10 Ideal Backgrounds for Live-In Nannies
April 30, 2012 | in Background Check
Hiring a nanny can be a daunting task, especially if your favorite candidate has limited experience working as a live-in childcare provider. In some cases, however, a prospective nanny’s strong background in other areas can indicate an aptitude and strong potential for success in the childcare industry. Here are ten backgrounds that might make hiring a newer nanny worth the risk.
- Nursing – Those that have experience working as a nurse are not only likely to have exemplary working-under-pressure skills, but also will have the requisite CPR and First Aid skills for a career working with little ones.
- Emergency Medical Technician – Like nursing, an EMT background with some experience working with children is an ideal starting point for those looking to make the switch into the childcare industry. Thinking clearly in a high-pressure, high-stakes environment and strong medical knowledge are two of the most valuable traits a childcare worker can have.
- Childhood Development or Child Psychology Studies – Recent college grads with limited work experience but a strong background in Childhood Development or Child Psychology studies show not only a dedication to working with children, but also the education level desired by most parents searching for a live-in nanny.
- Daycare Center Work – Because daycare workers tend to have many children in their care, making the transition to full-time, live-in care provider for a few children is likely to be seamless.
- Pre-School or Pre-K – Like daycare work, handling a classroom full of pre-schoolers certainly indicates and ability to multi-task, a sincere love of children and a working knowledge of childcare basics.
- Elementary Education – Few jobs in the education sector are as challenging as teaching elementary-aged children. A nanny candidate with experience as a grade school teacher is a great find, even if they have no live-in experience whatsoever.
- Comes From a Large Family and Has Extensive Babysitting Experience – Though it may seem small in the face of working-world experience, being an older sibling to several and holding a strong history of babysitting is one of the best prep courses for a nanny. Caring for children that lived with them and could not be easily escaped is the closest thing to working as a live-in that anyone without experience or children of their own could ever know.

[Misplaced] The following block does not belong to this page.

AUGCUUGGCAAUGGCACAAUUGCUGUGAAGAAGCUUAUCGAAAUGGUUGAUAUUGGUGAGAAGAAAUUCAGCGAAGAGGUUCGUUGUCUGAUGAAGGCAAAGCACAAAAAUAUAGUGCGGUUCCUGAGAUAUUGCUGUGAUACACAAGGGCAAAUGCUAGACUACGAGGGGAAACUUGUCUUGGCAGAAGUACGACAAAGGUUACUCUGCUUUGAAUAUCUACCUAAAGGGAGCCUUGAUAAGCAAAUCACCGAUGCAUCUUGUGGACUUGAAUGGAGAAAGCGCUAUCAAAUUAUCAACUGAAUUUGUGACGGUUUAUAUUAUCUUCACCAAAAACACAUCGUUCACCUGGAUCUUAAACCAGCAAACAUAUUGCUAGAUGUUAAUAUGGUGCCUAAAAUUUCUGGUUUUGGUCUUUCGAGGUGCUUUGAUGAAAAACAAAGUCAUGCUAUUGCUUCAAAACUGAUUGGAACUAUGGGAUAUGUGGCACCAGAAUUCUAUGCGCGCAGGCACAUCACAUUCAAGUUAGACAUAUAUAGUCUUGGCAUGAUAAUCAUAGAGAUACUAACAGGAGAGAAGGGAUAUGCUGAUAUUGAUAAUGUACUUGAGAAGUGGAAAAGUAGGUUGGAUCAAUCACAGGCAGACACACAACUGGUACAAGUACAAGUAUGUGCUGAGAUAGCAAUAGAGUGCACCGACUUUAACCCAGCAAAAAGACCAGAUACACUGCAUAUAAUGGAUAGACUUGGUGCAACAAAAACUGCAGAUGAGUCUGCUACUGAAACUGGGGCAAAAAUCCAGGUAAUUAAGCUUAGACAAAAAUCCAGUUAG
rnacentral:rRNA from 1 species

- Volunteer Work With Children – If a prospective nanny had a paying job in a field not related to childcare before changing industries, but a strong history of volunteer work in a childcare capacity, it shows a love of children and a desire to work with them. In many cases, a career in another field is only taken due to difficulty finding the nanny position they dreamed of.
- Strong Live-Out History – A nanny who’s worked as a live-out full-time provider and is willing to make the move to living in is, on paper, ideally suited to a live-in position. Assuming that their track history as a live-out comes with great references and their resume otherwise meets requirements, there’s no reason to pass up a traditionally out-living nanny that’s willing to make a change.
- Nutrition or Physical Training – As the focus on childhood obesity, poor eating habits and sedentary lifestyles becomes sharper, more and more parents find themselves searching for a solution. Hiring a nanny with a nutritionist or physical education background might be the perfect solution to this dilemma.
Regardless of their resume, some candidates will be appealing to you while others may not be. It’s important to use good sense when reviewing resumes and conducting interviews, but also to rely on your intuition as a parent when it comes to choosing the person that will care for your child.← 10 Ways Parents Can Conceal Nanny Cams | Pre-adverse Action forms/Adverse Action Forms →
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